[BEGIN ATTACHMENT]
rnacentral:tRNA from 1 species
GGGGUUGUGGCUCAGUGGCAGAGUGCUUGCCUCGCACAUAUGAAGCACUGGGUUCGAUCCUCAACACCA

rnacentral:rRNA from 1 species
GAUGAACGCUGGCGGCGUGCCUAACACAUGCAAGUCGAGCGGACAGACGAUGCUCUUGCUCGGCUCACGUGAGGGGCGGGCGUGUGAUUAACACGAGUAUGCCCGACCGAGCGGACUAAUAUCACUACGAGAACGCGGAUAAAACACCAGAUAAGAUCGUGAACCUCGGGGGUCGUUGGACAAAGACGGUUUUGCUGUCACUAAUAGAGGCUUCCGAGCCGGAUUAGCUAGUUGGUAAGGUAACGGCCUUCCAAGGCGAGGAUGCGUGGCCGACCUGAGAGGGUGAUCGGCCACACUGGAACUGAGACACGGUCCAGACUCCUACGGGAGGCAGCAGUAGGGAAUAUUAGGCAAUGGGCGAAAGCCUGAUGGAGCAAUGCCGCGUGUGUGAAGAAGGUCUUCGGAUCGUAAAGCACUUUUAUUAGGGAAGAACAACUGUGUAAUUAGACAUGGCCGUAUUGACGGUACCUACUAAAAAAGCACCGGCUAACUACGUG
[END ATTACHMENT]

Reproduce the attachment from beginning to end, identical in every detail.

rnacentral:tRNA from 1 species
GGGGUUGUGGCUCAGUGGCAGAGUGCUUGCCUCGCACAUAUGAAGCACUGGGUUCGAUCCUCAACACCA

rnacentral:rRNA from 1 species
GAUGAACGCUGGCGGCGUGCCUAACACAUGCAAGUCGAGCGGACAGACGAUGCUCUUGCUCGGCUCACGUGAGGGGCGGGCGUGUGAUUAACACGAGUAUGCCCGACCGAGCGGACUAAUAUCACUACGAGAACGCGGAUAAAACACCAGAUAAGAUCGUGAACCUCGGGGGUCGUUGGACAAAGACGGUUUUGCUGUCACUAAUAGAGGCUUCCGAGCCGGAUUAGCUAGUUGGUAAGGUAACGGCCUUCCAAGGCGAGGAUGCGUGGCCGACCUGAGAGGGUGAUCGGCCACACUGGAACUGAGACACGGUCCAGACUCCUACGGGAGGCAGCAGUAGGGAAUAUUAGGCAAUGGGCGAAAGCCUGAUGGAGCAAUGCCGCGUGUGUGAAGAAGGUCUUCGGAUCGUAAAGCACUUUUAUUAGGGAAGAACAACUGUGUAAUUAGACAUGGCCGUAUUGACGGUACCUACUAAAAAAGCACCGGCUAACUACGUG